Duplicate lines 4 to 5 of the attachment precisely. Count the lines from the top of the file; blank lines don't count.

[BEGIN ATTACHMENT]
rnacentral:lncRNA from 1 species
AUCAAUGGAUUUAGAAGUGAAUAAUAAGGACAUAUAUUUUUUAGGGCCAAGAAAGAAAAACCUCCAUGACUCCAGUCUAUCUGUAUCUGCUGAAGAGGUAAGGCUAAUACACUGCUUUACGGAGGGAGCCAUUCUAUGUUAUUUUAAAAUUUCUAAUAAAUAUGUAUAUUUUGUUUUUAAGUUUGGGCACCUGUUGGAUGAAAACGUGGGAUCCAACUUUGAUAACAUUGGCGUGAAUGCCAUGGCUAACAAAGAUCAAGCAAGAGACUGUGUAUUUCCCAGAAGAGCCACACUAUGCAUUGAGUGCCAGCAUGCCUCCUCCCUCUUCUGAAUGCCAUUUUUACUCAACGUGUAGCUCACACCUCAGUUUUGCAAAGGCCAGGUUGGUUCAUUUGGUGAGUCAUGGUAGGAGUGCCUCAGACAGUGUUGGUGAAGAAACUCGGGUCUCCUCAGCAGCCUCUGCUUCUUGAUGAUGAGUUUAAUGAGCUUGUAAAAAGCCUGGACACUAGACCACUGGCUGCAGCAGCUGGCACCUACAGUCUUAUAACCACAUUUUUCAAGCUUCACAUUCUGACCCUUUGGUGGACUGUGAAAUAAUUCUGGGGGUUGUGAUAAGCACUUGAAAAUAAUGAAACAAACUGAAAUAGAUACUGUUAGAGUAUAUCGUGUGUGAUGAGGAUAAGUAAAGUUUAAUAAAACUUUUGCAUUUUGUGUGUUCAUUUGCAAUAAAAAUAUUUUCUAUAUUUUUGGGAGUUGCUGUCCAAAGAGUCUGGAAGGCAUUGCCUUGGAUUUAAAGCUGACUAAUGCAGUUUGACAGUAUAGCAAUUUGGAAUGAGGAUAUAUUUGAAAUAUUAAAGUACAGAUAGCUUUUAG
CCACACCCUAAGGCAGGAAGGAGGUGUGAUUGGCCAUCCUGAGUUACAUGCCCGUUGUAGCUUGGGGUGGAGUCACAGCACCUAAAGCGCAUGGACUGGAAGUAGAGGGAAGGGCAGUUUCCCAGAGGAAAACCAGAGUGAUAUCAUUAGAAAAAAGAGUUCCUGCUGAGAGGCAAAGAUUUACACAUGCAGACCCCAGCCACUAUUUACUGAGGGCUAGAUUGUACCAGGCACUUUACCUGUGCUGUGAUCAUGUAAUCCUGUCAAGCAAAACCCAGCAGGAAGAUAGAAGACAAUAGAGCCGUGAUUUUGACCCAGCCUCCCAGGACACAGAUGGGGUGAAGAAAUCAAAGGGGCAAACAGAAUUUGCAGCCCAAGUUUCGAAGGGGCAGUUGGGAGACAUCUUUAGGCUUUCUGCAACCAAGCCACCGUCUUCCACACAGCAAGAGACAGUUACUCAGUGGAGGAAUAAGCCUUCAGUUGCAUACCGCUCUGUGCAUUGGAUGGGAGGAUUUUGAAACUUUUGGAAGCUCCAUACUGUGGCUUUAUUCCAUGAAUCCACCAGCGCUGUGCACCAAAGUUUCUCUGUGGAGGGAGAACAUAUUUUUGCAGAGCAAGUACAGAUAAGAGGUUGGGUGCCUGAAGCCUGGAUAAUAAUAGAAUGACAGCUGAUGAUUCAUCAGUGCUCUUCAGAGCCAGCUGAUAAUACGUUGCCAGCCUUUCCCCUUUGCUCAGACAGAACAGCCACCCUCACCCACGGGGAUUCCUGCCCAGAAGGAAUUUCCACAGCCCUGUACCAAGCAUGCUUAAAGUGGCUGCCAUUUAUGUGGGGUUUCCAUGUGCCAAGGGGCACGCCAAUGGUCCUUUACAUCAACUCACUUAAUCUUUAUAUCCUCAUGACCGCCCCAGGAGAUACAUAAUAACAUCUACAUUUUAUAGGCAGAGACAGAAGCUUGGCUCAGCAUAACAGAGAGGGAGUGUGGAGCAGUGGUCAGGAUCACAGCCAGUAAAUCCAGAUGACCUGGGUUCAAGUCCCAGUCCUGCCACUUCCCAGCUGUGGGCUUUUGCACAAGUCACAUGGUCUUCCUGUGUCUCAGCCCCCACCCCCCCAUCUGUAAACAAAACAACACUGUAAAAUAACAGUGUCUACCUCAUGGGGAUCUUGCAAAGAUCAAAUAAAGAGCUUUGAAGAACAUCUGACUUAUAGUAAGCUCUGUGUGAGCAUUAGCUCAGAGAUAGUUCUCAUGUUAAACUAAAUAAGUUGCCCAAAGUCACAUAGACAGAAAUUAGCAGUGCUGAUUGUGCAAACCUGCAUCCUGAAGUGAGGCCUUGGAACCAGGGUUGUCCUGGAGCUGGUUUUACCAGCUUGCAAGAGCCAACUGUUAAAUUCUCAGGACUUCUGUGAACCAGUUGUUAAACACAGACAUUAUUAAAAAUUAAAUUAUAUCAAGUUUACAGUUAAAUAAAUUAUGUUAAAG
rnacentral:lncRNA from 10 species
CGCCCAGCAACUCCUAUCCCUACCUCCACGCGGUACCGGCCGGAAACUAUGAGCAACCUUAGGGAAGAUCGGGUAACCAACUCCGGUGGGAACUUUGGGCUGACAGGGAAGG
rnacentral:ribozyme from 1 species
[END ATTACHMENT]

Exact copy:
rnacentral:lncRNA from 10 species
CGCCCAGCAACUCCUAUCCCUACCUCCACGCGGUACCGGCCGGAAACUAUGAGCAACCUUAGGGAAGAUCGGGUAACCAACUCCGGUGGGAACUUUGGGCUGACAGGGAAGG